A schoolgirl from Maidstone is fronting a unique TV campaign to raise awareness of Demelza Hospice Care for Children in the South East.
Caitlin Goodsell (11) from Kingswood, who is herself helped by the children’s charity, recites a poem which accompanies a 30-second commercial going out in the Meridian and London region promoting the work of Demelza.
The commercial has been made possible thanks to Kent-based Swale Heating generously donating £26,000-worth of their own air-time to the charity, which provides vital care to seriously ill babies, children, young people and their families across Kent, South East London and East Sussex.
The heating firm is currently advertising its own services around TV favourites such as Coronation Street, Jeremy Kyle and Judge Rinder and is allocating nine of those slots a month for Demelza to use across ITV and Channel 4.
Sales Director, Matthew Edwards says they are always looking for more ways to support such a worthwhile cause.
“Demelza is an amazing charity that helps families cope with caring for a very sick child or one with complex needs and we support them by servicing their heating free of charge and displaying their logo on our vans.
“We wanted to give them an opportunity to tell more people about their work. Hopefully it will help them reach out to more families in need as well as encourage more people to donate to their fundraising.”
In addition to promoting the vital work of the Demelza, the advert prompts viewers to text to donate as the charity is reliant on community generosity to be able to provide care to families in need.
Demelza Chief Executive Ryan Campbell said: “This is the first time Demelza has advertised on television and we are enormously grateful to Swale Heating for giving us this exciting opportunity.
“It will bring our work to the attention of a wide audience and hopefully show them what a vital service we provide to families of children with life-limiting and life-threatening conditions.”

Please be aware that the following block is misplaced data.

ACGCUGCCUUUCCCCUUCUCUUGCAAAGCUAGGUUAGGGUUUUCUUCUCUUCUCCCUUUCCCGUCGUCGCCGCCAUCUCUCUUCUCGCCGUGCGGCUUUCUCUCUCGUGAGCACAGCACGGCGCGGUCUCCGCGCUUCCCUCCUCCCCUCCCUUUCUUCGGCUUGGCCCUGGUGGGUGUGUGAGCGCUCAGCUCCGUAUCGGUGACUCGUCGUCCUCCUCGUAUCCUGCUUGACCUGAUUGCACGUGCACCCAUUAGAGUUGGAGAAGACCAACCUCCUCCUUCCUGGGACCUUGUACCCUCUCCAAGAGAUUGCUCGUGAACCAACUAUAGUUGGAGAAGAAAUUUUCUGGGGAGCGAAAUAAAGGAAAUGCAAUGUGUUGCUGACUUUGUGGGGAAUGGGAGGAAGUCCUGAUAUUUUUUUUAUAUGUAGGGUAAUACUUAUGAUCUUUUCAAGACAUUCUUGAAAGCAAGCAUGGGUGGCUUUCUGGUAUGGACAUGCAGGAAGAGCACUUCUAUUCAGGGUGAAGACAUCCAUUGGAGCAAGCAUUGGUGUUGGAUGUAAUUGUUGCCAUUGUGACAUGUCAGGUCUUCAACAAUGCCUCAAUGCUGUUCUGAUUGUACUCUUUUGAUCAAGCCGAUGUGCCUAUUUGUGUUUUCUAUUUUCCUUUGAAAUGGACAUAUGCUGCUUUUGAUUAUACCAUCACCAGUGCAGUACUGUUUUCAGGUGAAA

Caitlin, who attends Cornwallis Academy, Maidstone, was born with so many holes in her heart that doctors were amazed she survived birth. By the age of four, she had endured six major bouts of heart surgery and several other lesser heart operations.
The family’s introduction to Demelza came when Caitlin was a year old and being fed via a gastric tube. A visiting nurse suggested the family could borrow a feed machine from the hospice which would prevent Ingrid and husband Barry having to get up every three hours during the night to feed their daughter manually.
Ingrid said: “It was life changing for us. We were on our knees. As well as Caitlin, we had Sam, a lively toddler two years older than Caitlin, and we were both trying to hold down our jobs. Although we had heard of Demelza, we thought it was for end of life care. We never envisaged we would need their help.”
The family suffered a second devastating blow when, aged four, Caitlin had a stroke.
“She lost her speech and movement in her right leg. It was one of our worst days ever. She just looked at us with her big, sad eyes. I felt so helpless. I didn’t know what to do. But the doctors said: ‘Just keep talking to her’ – and eventually her speech returned.”
Today, Caitlin has reduced mobility in her right arm and leg but her condition is currently stable. She has to take the blood-thinning drug Warfarin daily and has an electric wheelchair to help her in school and a normal wheelchair to assist on family days out.
She remains determined to lead a normal life however and enjoys riding, swimming, drama, singing and spending time at one of the charity’s two children’s hospices - Demelza Kent – based in Bobbing, Sittingbourne. The other is in Eltham, South East London.
Caitlin features in the commercial produced by Red Goat, along with a number of other children and young people with life-limiting and life-threatening conditions.
Following the recording at the Sunlight Centre, Gillingham, she said: “It was brilliant to be asked to be the voice for Demelza, even though I was really nervous. I felt like I was speaking out on behalf of all the other children who use Demelza, which was a real privilege.”
The commercial can be seen in the Meridian and London region from February.